Latest Rev Share Deals Are Studios' First Steps In a Search for a New Rental Business Model16 Feb, 2003 By: Kurt Indvik
As we recover from the post-holiday sellthrough hangover, there is renewed supplier interest and focus on the rental market. This has manifested itself in a couple of new revenue-sharing programs combining DVD and VHS announced by Fox through Rentrak last week and by Warner the week prior. I think it's only the beginning of a series of maneuvers by suppliers to hedge their bets on the rental side of the market to maintain as much margin as they can.
Studios are getting less and less of the rental pie even as they stoke the sellthrough furnace which has, to date, more than made up for the slip in rental revenues. The cost of DVDs has been a terrific boon to rentailers whose margins have improved as DVD rentals increase, even as, perhaps, their overall gross revenues were dented by a burgeoning sellthrough business.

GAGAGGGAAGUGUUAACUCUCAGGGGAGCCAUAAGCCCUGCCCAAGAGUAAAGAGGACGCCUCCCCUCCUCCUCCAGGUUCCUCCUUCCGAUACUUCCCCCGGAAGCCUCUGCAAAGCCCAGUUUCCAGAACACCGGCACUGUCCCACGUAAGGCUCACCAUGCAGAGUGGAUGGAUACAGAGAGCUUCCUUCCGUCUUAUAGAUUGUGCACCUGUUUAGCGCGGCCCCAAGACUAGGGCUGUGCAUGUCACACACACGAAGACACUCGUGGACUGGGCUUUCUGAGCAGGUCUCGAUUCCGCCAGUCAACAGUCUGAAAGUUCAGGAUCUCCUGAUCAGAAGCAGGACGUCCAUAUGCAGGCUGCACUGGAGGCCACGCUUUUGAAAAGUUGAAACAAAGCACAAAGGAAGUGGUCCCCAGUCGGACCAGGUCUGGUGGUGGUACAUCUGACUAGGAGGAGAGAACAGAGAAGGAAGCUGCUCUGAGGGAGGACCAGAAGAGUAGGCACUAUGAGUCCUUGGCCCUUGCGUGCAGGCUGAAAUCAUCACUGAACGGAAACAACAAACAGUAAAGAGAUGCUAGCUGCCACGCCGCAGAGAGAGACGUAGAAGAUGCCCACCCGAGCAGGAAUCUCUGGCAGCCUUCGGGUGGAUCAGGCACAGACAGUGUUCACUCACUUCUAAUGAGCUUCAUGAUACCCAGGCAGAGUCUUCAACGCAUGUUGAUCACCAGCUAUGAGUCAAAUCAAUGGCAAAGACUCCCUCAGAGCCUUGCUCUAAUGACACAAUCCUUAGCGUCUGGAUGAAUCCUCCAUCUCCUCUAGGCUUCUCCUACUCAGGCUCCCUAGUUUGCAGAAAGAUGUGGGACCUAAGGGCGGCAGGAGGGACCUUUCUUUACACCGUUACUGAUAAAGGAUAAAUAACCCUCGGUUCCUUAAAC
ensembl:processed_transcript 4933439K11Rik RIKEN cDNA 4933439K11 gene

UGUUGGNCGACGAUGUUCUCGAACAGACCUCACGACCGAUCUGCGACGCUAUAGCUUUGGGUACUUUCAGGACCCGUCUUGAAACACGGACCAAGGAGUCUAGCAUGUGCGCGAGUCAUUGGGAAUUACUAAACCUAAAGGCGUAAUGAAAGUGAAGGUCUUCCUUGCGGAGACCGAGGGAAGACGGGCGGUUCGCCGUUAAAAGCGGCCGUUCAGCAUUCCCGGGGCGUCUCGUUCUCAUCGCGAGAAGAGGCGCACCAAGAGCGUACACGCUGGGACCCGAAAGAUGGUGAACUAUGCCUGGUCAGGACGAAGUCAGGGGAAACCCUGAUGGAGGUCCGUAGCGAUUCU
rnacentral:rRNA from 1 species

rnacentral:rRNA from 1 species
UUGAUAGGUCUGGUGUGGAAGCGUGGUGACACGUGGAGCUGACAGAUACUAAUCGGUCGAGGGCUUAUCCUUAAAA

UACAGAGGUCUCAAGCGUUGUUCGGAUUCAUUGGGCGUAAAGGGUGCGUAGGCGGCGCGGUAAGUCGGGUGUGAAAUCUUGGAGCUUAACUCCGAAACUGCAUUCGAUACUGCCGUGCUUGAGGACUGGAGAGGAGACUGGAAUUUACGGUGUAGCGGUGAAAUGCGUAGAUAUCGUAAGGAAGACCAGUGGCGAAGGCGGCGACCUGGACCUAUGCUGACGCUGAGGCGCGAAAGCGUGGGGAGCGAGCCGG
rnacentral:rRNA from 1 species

In the early stages of DVD's emergence, there was still plenty of higher-margin VHS business for studios, but as DVD penetration continues, naturally, rentailers are taking less and less VHS. And, to the likely chagrin to studios, DVDs are also turning out to be a successful used product, another very positive aspect of the business for rentailers that studios get no share of.
Meanwhile, while selthrough enjoyed a stupendous rise in unit and dollar volume in 2002, there is that lingering question for suppliers that won't go away: When do buy rates per DVD household start to fall (as many have expected they should have already begun to do), and how far will the fall be? What pricing levels are going to be necessary to keep sellthrough viable and how does all this dovetail with a lower margin rental business.
Because what isn't in much doubt is that DVD player penetration will continue and, eventually, VHS inventory requirements will be small. The DVD/VHS rev-share deals may be a temporary opportunity for some rentailers to lessen their overall cost of goods and provide studios with a better cut of the rental business. But I won't be surprised this year to see a test of some rental window and rental-priced DVD program (on select titles). That has the potential to be a longer term solution for studios as they try to figure out a business model as rental and sellthrough seek to find their equilibrium.